Changing the oil in the Lotus Elise is a relatively simple proceedure but first you will have to remove the rear undertray. Also, you can skip to the bottom for my recommendations on oil type and change intervals.
Tools and Supplies
- 4 quarts oil (I use Mobil 1 15w-50)
- Oil filter (K&N HP1003 or HP2009)
- Filter wrench or 25mm socket for K&N
- 12mm wrench
- Oil drain pan
- Rags for cleanup
- Cardboard (optional)
Note: It has been a while since my Elise had the stock oil pan so the drain plug could be 12mm, 13mm or 14mm.
Before you start
A lot of people place the rear on ramps before draining the oil. I do not do this. Instead I leave the car parked on level ground to ensure that as much of the old oil can drain from the oil pan as possible. Also, it is recommended that you change the oil of a warm motor. What that means is make sure you get the engine oil up to operating temperature before you start the oil change process. This will allow the oil to drain easier.
Drain the oil
Park the car on level ground with the ignition in the off position. Once you have the undertray off, place the oil drain pan under the oil drain plug. (You can place the cardboard under the oil drain pan at this point. It will catch any oil spillage and make cleanup much easier.) Use the 12mm wrench and remove the drain plug. Let the oil drain into the drain pan. You can speed up the drain rate by loosening the oil cap on the top of the engine.
Remove and replace the filter
Once the oil has drained to a slow drip, inspect and clean the threads on the drain plug with a shop towel and then thread it back into the oil pan. Hand tighten the plug and then give it another 1/2 turn with the wrench. Now place the drain pan under the oil filter and remove the filter with a filter wrench. (Note: You should technically be able to remove the filter by hand but if you have ever let a shop change your oil it will be over tightened. If you are having an especially difficult time with it you can drive a screw driver through the old filter towards the bottom for more leverage.) With the old filter removed, lightly oil the seal on the new filter and hand tighten it to the block. Now tighten it an additional 1/2 turn with the wrench, or the socket if you are using the K&N filter.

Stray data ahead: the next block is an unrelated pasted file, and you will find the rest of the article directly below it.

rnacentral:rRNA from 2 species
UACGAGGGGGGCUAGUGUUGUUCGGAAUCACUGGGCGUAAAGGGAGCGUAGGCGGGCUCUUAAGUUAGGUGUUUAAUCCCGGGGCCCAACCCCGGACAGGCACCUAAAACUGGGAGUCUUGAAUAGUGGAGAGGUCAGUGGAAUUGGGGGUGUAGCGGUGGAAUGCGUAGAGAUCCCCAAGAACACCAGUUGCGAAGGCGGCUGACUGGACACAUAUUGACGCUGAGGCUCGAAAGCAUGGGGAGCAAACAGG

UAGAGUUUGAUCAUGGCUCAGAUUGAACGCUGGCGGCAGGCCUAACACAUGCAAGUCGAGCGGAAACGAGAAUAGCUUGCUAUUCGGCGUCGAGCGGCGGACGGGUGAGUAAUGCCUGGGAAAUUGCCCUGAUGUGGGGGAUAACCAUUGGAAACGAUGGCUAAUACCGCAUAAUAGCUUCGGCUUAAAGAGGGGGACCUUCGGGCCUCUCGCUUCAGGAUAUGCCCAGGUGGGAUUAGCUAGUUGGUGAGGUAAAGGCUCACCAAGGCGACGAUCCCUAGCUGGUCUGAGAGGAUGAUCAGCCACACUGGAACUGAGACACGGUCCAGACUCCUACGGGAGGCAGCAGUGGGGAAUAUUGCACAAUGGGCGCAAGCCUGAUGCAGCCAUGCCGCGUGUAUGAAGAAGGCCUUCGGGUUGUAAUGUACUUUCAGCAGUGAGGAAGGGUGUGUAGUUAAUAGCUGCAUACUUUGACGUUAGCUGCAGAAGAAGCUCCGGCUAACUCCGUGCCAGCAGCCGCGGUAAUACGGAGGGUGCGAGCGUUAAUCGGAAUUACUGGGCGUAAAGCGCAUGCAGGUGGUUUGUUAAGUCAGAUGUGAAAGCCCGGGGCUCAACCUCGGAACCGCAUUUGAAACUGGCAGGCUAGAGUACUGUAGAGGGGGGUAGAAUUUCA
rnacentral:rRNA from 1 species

Note: If you haven’t performed the oil line recall of your Lotus Elise, make sure to inspect the oil cooler lines and fittings on the sandwich adapter plate for signs of oil leakage at every oil change.
Add the new oil
With the new filter in place and the drain plug secured, begin to add oil to the engine through the oil cap using the funnel. Add the first three quarts and then check the dipstick to see where you are at. Be sure to wipe the dipstick each time you place it back in. Continue adding the fourth quart until the oil level on the dipstick is between the two level indication dimples.
Note: It usually takes around 3.5 to 3.8 quarts to get a proper fill level. Also, if you have an aftermarket baffled oil pan it will take you up to six quarts.
Before starting the car remove the oil pan and anything else out from under the car. Then check that the oil filter and drain plug are tight and reinstall the dipstick and oil cap. Start the car and verify that your oil pressure light turns off after starting. With the car running, take a look under the car and verify that there are no drips. Next, shut off the car and verify the oil level on the dipstick one last time. If necessary, add a little more oil. If everything checks out you are done and go ahead and reinstall the rear undertray.
Oils and Intervals
I just wanted to take a second to mention a few things. There has been a lot of debate in the Lotus community about which fluids are best in the Lotus with a lot of guys opting to use oils that are $12+ a quart. This is unneccesary. Just choose a good quality and readily availible synthetic like Mobil 1 and you will be fine. I personally use Mobil 1 15w-50 motorsport which runs about $7.99 a quart. Another contested subject is the oil change interval There are some who change their oil every 1000 miles. In my opinion this is a waste of oil. I would recommend changing the oil every 3000 miles if you track the car and every 5000 miles if you just street drive. Or to put it another way, the Lotus Elise is powered by a Toyota engine and does not require Lamborghini levels of attention.